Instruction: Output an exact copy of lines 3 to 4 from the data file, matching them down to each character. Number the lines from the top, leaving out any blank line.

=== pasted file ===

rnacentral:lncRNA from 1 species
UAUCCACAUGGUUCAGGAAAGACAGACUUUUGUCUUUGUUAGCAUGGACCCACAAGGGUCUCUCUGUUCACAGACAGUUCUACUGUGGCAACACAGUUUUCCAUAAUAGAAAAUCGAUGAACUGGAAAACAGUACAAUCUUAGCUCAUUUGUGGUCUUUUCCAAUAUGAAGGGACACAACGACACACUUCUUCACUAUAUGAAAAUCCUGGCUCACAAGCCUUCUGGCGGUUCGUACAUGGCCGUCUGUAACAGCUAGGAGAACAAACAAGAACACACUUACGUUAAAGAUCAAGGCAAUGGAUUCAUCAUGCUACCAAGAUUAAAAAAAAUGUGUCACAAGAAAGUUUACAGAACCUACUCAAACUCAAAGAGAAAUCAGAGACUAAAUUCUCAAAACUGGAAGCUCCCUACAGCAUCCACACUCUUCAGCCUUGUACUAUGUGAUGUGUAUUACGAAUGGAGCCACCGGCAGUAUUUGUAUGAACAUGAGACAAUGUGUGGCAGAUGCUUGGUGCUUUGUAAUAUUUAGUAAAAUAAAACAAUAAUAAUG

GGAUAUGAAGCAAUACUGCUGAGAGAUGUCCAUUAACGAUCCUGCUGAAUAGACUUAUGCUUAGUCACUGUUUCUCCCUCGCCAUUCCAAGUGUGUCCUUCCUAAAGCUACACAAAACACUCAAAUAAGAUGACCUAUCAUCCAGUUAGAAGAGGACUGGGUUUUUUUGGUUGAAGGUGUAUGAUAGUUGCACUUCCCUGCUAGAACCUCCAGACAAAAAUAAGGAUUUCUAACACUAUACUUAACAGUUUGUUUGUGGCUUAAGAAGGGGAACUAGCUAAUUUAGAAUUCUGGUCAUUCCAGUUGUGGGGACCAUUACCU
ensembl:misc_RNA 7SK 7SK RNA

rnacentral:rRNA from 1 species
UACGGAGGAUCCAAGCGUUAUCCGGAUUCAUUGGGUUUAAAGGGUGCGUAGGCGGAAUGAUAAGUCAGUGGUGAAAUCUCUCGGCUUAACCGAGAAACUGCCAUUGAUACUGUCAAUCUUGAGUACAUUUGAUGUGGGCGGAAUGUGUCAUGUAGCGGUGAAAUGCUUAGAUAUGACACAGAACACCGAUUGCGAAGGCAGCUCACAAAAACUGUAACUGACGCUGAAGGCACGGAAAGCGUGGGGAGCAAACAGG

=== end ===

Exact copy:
GGAUAUGAAGCAAUACUGCUGAGAGAUGUCCAUUAACGAUCCUGCUGAAUAGACUUAUGCUUAGUCACUGUUUCUCCCUCGCCAUUCCAAGUGUGUCCUUCCUAAAGCUACACAAAACACUCAAAUAAGAUGACCUAUCAUCCAGUUAGAAGAGGACUGGGUUUUUUUGGUUGAAGGUGUAUGAUAGUUGCACUUCCCUGCUAGAACCUCCAGACAAAAAUAAGGAUUUCUAACACUAUACUUAACAGUUUGUUUGUGGCUUAAGAAGGGGAACUAGCUAAUUUAGAAUUCUGGUCAUUCCAGUUGUGGGGACCAUUACCU
ensembl:misc_RNA 7SK 7SK RNA